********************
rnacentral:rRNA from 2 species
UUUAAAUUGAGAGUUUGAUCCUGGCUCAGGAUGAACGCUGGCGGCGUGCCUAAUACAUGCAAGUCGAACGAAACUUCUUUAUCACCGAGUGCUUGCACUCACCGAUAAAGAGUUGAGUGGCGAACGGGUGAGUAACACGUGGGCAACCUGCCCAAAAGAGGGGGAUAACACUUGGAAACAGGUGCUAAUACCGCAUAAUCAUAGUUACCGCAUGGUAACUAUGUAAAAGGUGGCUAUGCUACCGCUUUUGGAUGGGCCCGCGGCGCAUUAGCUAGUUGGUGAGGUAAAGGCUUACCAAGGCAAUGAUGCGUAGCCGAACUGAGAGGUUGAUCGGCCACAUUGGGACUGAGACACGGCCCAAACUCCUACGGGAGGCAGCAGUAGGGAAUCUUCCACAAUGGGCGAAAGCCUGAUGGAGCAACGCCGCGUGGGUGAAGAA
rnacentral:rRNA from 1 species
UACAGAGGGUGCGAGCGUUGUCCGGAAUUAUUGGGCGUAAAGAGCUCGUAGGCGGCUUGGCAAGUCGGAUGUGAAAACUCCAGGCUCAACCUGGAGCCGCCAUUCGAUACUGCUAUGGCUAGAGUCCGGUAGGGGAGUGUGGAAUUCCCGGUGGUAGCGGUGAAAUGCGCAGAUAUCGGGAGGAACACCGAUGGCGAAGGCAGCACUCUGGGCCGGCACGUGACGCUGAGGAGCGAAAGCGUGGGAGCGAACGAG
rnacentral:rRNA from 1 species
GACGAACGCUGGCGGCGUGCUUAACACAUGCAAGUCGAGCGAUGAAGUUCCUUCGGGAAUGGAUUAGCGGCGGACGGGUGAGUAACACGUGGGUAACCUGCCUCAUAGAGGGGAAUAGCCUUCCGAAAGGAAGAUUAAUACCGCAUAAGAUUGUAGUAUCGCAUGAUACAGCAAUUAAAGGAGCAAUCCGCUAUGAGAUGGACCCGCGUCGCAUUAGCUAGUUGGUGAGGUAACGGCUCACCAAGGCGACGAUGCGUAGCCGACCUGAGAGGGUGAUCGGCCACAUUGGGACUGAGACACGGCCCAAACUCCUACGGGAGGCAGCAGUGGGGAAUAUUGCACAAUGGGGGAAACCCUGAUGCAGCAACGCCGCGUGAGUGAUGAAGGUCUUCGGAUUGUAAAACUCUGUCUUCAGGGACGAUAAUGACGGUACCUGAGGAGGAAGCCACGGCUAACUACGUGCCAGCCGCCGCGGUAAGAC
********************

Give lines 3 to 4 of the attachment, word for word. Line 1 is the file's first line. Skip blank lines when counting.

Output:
rnacentral:rRNA from 1 species
UACAGAGGGUGCGAGCGUUGUCCGGAAUUAUUGGGCGUAAAGAGCUCGUAGGCGGCUUGGCAAGUCGGAUGUGAAAACUCCAGGCUCAACCUGGAGCCGCCAUUCGAUACUGCUAUGGCUAGAGUCCGGUAGGGGAGUGUGGAAUUCCCGGUGGUAGCGGUGAAAUGCGCAGAUAUCGGGAGGAACACCGAUGGCGAAGGCAGCACUCUGGGCCGGCACGUGACGCUGAGGAGCGAAAGCGUGGGAGCGAACGAG